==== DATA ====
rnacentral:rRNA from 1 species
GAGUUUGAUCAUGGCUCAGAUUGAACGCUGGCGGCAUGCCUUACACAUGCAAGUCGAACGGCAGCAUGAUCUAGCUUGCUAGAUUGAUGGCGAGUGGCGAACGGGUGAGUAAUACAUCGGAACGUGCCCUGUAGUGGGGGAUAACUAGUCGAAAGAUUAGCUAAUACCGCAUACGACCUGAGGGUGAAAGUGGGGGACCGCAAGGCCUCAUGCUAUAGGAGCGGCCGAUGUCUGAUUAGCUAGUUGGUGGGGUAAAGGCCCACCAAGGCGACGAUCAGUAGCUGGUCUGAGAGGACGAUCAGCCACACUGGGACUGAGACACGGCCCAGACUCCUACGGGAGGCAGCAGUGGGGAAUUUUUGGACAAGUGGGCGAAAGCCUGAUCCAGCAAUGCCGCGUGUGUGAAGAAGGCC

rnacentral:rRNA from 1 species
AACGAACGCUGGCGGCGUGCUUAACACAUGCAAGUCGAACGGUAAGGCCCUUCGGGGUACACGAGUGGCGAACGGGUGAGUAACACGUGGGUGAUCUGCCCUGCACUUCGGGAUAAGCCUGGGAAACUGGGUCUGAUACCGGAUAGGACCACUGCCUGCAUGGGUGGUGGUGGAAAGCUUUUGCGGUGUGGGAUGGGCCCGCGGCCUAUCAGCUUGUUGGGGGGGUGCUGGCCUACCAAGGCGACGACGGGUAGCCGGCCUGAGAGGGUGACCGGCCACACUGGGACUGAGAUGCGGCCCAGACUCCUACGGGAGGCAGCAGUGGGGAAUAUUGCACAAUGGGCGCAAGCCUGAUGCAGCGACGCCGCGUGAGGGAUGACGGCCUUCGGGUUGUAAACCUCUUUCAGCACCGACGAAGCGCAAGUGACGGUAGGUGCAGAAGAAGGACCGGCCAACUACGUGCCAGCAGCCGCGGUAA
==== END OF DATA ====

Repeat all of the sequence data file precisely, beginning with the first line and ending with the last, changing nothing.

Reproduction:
rnacentral:rRNA from 1 species
GAGUUUGAUCAUGGCUCAGAUUGAACGCUGGCGGCAUGCCUUACACAUGCAAGUCGAACGGCAGCAUGAUCUAGCUUGCUAGAUUGAUGGCGAGUGGCGAACGGGUGAGUAAUACAUCGGAACGUGCCCUGUAGUGGGGGAUAACUAGUCGAAAGAUUAGCUAAUACCGCAUACGACCUGAGGGUGAAAGUGGGGGACCGCAAGGCCUCAUGCUAUAGGAGCGGCCGAUGUCUGAUUAGCUAGUUGGUGGGGUAAAGGCCCACCAAGGCGACGAUCAGUAGCUGGUCUGAGAGGACGAUCAGCCACACUGGGACUGAGACACGGCCCAGACUCCUACGGGAGGCAGCAGUGGGGAAUUUUUGGACAAGUGGGCGAAAGCCUGAUCCAGCAAUGCCGCGUGUGUGAAGAAGGCC

rnacentral:rRNA from 1 species
AACGAACGCUGGCGGCGUGCUUAACACAUGCAAGUCGAACGGUAAGGCCCUUCGGGGUACACGAGUGGCGAACGGGUGAGUAACACGUGGGUGAUCUGCCCUGCACUUCGGGAUAAGCCUGGGAAACUGGGUCUGAUACCGGAUAGGACCACUGCCUGCAUGGGUGGUGGUGGAAAGCUUUUGCGGUGUGGGAUGGGCCCGCGGCCUAUCAGCUUGUUGGGGGGGUGCUGGCCUACCAAGGCGACGACGGGUAGCCGGCCUGAGAGGGUGACCGGCCACACUGGGACUGAGAUGCGGCCCAGACUCCUACGGGAGGCAGCAGUGGGGAAUAUUGCACAAUGGGCGCAAGCCUGAUGCAGCGACGCCGCGUGAGGGAUGACGGCCUUCGGGUUGUAAACCUCUUUCAGCACCGACGAAGCGCAAGUGACGGUAGGUGCAGAAGAAGGACCGGCCAACUACGUGCCAGCAGCCGCGGUAA